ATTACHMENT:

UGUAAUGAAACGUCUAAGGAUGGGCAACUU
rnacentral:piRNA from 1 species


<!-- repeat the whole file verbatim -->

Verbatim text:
UGUAAUGAAACGUCUAAGGAUGGGCAACUU
rnacentral:piRNA from 1 species